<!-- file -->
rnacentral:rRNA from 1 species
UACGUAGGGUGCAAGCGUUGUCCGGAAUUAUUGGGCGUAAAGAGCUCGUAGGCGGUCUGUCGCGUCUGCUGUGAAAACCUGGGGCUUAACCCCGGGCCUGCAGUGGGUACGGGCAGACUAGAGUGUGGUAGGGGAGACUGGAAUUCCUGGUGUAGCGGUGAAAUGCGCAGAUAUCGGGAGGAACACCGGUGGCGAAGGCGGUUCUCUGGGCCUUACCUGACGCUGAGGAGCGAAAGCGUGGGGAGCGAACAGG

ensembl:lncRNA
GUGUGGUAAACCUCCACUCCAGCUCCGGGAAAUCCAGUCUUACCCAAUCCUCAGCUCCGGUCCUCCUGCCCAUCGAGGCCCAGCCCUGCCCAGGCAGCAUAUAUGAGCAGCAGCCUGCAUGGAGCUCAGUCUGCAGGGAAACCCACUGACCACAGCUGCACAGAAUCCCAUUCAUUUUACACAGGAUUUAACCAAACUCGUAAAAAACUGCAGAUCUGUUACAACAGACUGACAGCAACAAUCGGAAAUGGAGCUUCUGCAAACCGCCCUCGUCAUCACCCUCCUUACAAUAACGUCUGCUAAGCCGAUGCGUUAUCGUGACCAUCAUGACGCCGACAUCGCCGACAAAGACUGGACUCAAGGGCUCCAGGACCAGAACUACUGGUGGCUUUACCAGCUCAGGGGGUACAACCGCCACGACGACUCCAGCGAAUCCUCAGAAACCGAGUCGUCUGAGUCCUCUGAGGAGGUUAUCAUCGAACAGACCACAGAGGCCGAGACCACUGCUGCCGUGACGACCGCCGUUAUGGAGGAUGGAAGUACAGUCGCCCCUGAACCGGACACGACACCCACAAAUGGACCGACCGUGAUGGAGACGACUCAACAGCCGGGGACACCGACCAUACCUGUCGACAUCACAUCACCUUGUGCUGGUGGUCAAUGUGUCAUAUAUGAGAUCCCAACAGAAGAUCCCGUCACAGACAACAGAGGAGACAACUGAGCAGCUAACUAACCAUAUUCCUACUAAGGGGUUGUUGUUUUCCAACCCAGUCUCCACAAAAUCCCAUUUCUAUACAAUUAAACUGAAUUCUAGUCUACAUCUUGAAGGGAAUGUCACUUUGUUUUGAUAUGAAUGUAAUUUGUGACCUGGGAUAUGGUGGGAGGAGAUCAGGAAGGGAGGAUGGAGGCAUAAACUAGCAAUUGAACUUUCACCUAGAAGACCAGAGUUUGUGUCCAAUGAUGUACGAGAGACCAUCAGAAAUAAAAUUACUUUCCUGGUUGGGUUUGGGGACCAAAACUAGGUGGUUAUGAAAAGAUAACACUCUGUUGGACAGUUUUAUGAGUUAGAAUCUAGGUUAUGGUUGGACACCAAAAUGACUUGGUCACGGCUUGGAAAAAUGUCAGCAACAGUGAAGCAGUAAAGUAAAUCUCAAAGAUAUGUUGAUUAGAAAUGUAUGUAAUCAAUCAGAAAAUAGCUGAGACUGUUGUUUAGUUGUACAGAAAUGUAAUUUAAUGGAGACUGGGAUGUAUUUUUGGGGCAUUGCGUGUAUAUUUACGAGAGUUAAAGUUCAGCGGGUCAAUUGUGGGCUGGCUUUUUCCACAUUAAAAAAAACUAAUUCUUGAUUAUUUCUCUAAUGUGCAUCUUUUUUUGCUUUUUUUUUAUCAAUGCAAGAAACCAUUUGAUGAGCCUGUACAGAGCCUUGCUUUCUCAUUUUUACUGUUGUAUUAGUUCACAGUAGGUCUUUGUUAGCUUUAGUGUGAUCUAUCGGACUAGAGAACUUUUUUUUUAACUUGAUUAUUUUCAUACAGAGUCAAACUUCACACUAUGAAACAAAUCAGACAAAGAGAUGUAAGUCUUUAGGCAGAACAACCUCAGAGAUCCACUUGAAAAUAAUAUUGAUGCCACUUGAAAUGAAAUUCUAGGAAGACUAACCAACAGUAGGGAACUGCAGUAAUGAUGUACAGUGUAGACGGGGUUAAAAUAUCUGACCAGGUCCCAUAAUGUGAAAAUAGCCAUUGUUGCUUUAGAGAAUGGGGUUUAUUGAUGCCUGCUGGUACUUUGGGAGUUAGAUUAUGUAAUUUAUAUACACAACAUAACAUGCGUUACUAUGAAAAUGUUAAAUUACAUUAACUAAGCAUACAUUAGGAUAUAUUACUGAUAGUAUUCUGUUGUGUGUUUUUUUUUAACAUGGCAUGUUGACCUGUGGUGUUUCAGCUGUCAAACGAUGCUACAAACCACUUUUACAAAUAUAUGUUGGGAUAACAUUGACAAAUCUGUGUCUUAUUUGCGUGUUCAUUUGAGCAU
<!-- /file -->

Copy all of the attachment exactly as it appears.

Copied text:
rnacentral:rRNA from 1 species
UACGUAGGGUGCAAGCGUUGUCCGGAAUUAUUGGGCGUAAAGAGCUCGUAGGCGGUCUGUCGCGUCUGCUGUGAAAACCUGGGGCUUAACCCCGGGCCUGCAGUGGGUACGGGCAGACUAGAGUGUGGUAGGGGAGACUGGAAUUCCUGGUGUAGCGGUGAAAUGCGCAGAUAUCGGGAGGAACACCGGUGGCGAAGGCGGUUCUCUGGGCCUUACCUGACGCUGAGGAGCGAAAGCGUGGGGAGCGAACAGG

ensembl:lncRNA
GUGUGGUAAACCUCCACUCCAGCUCCGGGAAAUCCAGUCUUACCCAAUCCUCAGCUCCGGUCCUCCUGCCCAUCGAGGCCCAGCCCUGCCCAGGCAGCAUAUAUGAGCAGCAGCCUGCAUGGAGCUCAGUCUGCAGGGAAACCCACUGACCACAGCUGCACAGAAUCCCAUUCAUUUUACACAGGAUUUAACCAAACUCGUAAAAAACUGCAGAUCUGUUACAACAGACUGACAGCAACAAUCGGAAAUGGAGCUUCUGCAAACCGCCCUCGUCAUCACCCUCCUUACAAUAACGUCUGCUAAGCCGAUGCGUUAUCGUGACCAUCAUGACGCCGACAUCGCCGACAAAGACUGGACUCAAGGGCUCCAGGACCAGAACUACUGGUGGCUUUACCAGCUCAGGGGGUACAACCGCCACGACGACUCCAGCGAAUCCUCAGAAACCGAGUCGUCUGAGUCCUCUGAGGAGGUUAUCAUCGAACAGACCACAGAGGCCGAGACCACUGCUGCCGUGACGACCGCCGUUAUGGAGGAUGGAAGUACAGUCGCCCCUGAACCGGACACGACACCCACAAAUGGACCGACCGUGAUGGAGACGACUCAACAGCCGGGGACACCGACCAUACCUGUCGACAUCACAUCACCUUGUGCUGGUGGUCAAUGUGUCAUAUAUGAGAUCCCAACAGAAGAUCCCGUCACAGACAACAGAGGAGACAACUGAGCAGCUAACUAACCAUAUUCCUACUAAGGGGUUGUUGUUUUCCAACCCAGUCUCCACAAAAUCCCAUUUCUAUACAAUUAAACUGAAUUCUAGUCUACAUCUUGAAGGGAAUGUCACUUUGUUUUGAUAUGAAUGUAAUUUGUGACCUGGGAUAUGGUGGGAGGAGAUCAGGAAGGGAGGAUGGAGGCAUAAACUAGCAAUUGAACUUUCACCUAGAAGACCAGAGUUUGUGUCCAAUGAUGUACGAGAGACCAUCAGAAAUAAAAUUACUUUCCUGGUUGGGUUUGGGGACCAAAACUAGGUGGUUAUGAAAAGAUAACACUCUGUUGGACAGUUUUAUGAGUUAGAAUCUAGGUUAUGGUUGGACACCAAAAUGACUUGGUCACGGCUUGGAAAAAUGUCAGCAACAGUGAAGCAGUAAAGUAAAUCUCAAAGAUAUGUUGAUUAGAAAUGUAUGUAAUCAAUCAGAAAAUAGCUGAGACUGUUGUUUAGUUGUACAGAAAUGUAAUUUAAUGGAGACUGGGAUGUAUUUUUGGGGCAUUGCGUGUAUAUUUACGAGAGUUAAAGUUCAGCGGGUCAAUUGUGGGCUGGCUUUUUCCACAUUAAAAAAAACUAAUUCUUGAUUAUUUCUCUAAUGUGCAUCUUUUUUUGCUUUUUUUUUAUCAAUGCAAGAAACCAUUUGAUGAGCCUGUACAGAGCCUUGCUUUCUCAUUUUUACUGUUGUAUUAGUUCACAGUAGGUCUUUGUUAGCUUUAGUGUGAUCUAUCGGACUAGAGAACUUUUUUUUUAACUUGAUUAUUUUCAUACAGAGUCAAACUUCACACUAUGAAACAAAUCAGACAAAGAGAUGUAAGUCUUUAGGCAGAACAACCUCAGAGAUCCACUUGAAAAUAAUAUUGAUGCCACUUGAAAUGAAAUUCUAGGAAGACUAACCAACAGUAGGGAACUGCAGUAAUGAUGUACAGUGUAGACGGGGUUAAAAUAUCUGACCAGGUCCCAUAAUGUGAAAAUAGCCAUUGUUGCUUUAGAGAAUGGGGUUUAUUGAUGCCUGCUGGUACUUUGGGAGUUAGAUUAUGUAAUUUAUAUACACAACAUAACAUGCGUUACUAUGAAAAUGUUAAAUUACAUUAACUAAGCAUACAUUAGGAUAUAUUACUGAUAGUAUUCUGUUGUGUGUUUUUUUUUAACAUGGCAUGUUGACCUGUGGUGUUUCAGCUGUCAAACGAUGCUACAAACCACUUUUACAAAUAUAUGUUGGGAUAACAUUGACAAAUCUGUGUCUUAUUUGCGUGUUCAUUUGAGCAU